- October 10, 2016Read more
- October 1, 2016Read more
Belgrade, Serbia — On October 27th in Belgrade, Serbia, the K-1 World Grand Prix returns to Europe with the K-1 World Grand Prix Euro featuring a one-night, eight-man tournament between eight of the best young fighters in the world at -95kg. K-1 has gathered some of the best fighters from around Europe to compete for the K-1 World Grand Prix
With karate moving closer to kickboxing in style, Ishii organizes the first K-1 Grand Prix at the Yoyogi Dai-Ichi Stadium in Tokyo. The event is held in a regulation-size boxing ring under the revolutionary K-1 rules, which permit punches to accommodate both karate and kickboxing fighters. A sellout crowd of 10,000 sees Branco Citatic win the first K-1 Championship. Two more K-1 events are held later in the year, and these are won by Satake and Ernesto Hoost.
Peter Aerts wins the second K-1 Grand Prix, with newcomer Andy Hug losing in his first match. In September, Hug wins a ‘revenge’ bout at the Yokohama arena, and establishes himself as one of K-1’s first superstars.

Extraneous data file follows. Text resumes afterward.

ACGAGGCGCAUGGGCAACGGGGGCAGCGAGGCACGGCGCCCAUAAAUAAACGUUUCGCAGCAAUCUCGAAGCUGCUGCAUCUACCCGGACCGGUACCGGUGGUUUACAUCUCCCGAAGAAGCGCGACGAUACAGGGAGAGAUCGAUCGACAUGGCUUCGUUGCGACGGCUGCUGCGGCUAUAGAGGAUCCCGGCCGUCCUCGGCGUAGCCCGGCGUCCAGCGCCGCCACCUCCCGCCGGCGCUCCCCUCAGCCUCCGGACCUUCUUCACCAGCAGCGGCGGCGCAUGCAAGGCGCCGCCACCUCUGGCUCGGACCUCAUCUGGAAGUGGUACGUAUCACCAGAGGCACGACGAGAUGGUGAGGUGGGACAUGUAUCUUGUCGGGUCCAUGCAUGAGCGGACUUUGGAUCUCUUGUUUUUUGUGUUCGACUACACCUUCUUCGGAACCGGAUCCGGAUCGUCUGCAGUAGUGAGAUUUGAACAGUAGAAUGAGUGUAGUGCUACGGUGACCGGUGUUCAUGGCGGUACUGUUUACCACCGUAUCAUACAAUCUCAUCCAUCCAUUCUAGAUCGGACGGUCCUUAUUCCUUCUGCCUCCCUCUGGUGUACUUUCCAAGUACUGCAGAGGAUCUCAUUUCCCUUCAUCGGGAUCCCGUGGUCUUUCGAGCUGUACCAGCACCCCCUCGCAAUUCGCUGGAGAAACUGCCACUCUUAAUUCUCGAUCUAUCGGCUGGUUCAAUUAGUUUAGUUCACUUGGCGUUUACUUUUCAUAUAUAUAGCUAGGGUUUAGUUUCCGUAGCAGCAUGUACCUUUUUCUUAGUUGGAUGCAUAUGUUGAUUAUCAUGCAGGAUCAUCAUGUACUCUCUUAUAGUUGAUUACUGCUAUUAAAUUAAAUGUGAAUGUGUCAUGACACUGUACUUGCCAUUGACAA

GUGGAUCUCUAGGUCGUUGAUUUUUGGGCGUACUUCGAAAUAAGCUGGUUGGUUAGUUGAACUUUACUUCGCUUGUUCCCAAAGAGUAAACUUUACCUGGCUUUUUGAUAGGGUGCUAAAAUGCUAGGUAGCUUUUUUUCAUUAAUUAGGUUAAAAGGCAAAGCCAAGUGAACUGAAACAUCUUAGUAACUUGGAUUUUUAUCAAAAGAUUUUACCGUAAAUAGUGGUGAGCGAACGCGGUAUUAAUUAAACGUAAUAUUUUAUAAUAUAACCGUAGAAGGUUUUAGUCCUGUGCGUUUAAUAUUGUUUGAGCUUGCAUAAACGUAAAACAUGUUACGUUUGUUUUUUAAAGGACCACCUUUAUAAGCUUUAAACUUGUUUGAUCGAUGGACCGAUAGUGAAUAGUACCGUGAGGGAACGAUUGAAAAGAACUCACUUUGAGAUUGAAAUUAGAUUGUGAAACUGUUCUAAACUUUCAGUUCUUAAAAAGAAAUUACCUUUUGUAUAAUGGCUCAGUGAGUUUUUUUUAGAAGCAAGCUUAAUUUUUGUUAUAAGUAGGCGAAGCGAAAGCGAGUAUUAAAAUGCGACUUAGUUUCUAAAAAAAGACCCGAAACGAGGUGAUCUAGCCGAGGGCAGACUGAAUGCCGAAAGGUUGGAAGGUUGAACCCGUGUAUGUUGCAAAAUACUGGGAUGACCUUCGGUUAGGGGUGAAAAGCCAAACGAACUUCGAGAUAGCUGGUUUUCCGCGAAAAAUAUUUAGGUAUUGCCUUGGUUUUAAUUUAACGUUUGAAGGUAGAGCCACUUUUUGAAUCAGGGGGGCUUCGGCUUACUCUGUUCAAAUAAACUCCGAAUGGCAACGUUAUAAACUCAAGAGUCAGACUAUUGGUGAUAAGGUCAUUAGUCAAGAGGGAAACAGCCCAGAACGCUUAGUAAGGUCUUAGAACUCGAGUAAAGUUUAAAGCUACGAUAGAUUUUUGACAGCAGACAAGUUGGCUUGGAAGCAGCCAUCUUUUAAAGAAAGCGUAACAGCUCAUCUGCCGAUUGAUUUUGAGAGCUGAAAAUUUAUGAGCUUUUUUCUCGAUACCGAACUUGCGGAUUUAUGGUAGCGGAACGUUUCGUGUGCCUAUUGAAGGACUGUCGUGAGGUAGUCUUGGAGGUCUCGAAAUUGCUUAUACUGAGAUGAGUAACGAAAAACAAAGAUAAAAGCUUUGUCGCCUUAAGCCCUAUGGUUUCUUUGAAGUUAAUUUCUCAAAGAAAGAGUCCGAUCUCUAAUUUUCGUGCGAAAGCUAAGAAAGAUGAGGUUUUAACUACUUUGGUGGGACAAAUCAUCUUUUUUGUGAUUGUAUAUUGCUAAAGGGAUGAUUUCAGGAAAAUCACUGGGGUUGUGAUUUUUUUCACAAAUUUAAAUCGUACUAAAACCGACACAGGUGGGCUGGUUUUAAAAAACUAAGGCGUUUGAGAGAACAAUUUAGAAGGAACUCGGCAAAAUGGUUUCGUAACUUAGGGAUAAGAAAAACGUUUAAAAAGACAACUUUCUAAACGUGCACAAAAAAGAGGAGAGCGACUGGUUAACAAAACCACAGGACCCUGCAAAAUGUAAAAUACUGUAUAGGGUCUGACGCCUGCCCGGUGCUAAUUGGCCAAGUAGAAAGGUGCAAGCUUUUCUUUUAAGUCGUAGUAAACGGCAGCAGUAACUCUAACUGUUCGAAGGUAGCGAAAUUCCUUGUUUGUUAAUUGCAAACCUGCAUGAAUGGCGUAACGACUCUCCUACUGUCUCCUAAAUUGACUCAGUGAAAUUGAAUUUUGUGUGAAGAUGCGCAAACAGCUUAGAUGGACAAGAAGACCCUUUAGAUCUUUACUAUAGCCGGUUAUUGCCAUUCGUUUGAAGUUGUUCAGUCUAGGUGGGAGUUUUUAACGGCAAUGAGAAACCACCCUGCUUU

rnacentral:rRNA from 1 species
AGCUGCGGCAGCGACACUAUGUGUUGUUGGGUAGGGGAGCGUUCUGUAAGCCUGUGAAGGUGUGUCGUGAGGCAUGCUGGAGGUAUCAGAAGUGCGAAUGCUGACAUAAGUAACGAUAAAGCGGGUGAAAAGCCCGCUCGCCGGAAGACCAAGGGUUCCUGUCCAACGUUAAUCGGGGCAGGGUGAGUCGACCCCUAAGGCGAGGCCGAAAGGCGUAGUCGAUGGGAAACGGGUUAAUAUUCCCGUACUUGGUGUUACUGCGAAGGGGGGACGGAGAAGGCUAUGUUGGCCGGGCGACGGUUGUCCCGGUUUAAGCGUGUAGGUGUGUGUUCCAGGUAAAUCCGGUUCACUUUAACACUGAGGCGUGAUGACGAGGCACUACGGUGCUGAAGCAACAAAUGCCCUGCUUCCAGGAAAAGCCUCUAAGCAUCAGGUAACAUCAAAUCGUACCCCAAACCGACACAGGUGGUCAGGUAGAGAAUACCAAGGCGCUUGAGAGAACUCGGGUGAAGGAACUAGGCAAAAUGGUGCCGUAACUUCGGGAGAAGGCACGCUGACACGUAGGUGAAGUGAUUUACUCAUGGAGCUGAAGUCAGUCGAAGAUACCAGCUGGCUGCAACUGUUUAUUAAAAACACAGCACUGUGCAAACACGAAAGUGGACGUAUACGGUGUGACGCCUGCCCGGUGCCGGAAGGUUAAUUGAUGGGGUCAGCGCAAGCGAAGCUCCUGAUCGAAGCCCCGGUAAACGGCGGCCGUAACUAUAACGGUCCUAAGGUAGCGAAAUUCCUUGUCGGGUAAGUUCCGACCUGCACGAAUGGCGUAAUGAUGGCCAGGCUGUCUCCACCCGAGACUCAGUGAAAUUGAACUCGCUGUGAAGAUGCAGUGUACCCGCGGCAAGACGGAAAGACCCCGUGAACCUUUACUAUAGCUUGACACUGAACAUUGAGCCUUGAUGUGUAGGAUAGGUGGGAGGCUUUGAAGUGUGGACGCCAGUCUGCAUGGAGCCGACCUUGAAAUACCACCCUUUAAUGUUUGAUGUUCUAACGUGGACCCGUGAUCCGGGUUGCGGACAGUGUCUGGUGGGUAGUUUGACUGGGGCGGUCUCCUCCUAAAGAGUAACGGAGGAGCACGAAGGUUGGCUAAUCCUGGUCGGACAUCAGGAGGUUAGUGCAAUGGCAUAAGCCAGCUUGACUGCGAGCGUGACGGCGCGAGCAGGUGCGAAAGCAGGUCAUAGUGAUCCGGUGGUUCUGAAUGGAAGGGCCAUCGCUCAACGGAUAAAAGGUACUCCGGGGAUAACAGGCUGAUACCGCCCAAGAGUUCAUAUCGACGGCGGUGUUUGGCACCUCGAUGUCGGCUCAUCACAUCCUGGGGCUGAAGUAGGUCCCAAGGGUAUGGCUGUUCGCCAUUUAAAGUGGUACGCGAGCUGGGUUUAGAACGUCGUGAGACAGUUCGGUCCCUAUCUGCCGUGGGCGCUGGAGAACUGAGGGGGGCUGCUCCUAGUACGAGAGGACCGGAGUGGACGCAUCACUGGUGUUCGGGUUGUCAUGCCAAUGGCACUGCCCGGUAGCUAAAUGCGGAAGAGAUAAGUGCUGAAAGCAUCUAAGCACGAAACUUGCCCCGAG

Aerts successfully defends his title at the 3rd K-1 Grand Prix in May. The following month, Hug’s native Switzerland hosts K-1 Fight Night, the rapidly growing sport’s first overseas event. More than 12,000 people watch favorite Hug win by knockout over WKA USA Champion Dennis Lane.
K-1 INTERNATIONAL RULES
Article 1 VENUE
The match shall be held in 6m X 6m square ring surrounded by 3-levels of ropes. The ring must be square shaped in order to secure the safety of fighters in case of an accident such as tumbling down.
Article 2 ESSENTIALS
Each fighter shall wear regulated gloves provided by the promoter. In principle, usage of regulated protective cup and mouthpiece is mandatory.
Each fighter shall prepare their own protective cup and a mouthpiece. Fighters must wear official protective cup specified by the promoter, and the usage of commercially available protective cups which tend to cause defect upon application, and structurally defective is prohibited. If fighters do not exercise their duties, they are not entitled to preferential treatment to remedy unfairness caused by accidents.
Furthermore, , in case fighters do not wear official protective cups, and use their own cups, a fighters may severely be penalized for delaying the fight when the cup is damaged due to an accident, or when the process of arranging a new cup to replace the damaged one is time consuming.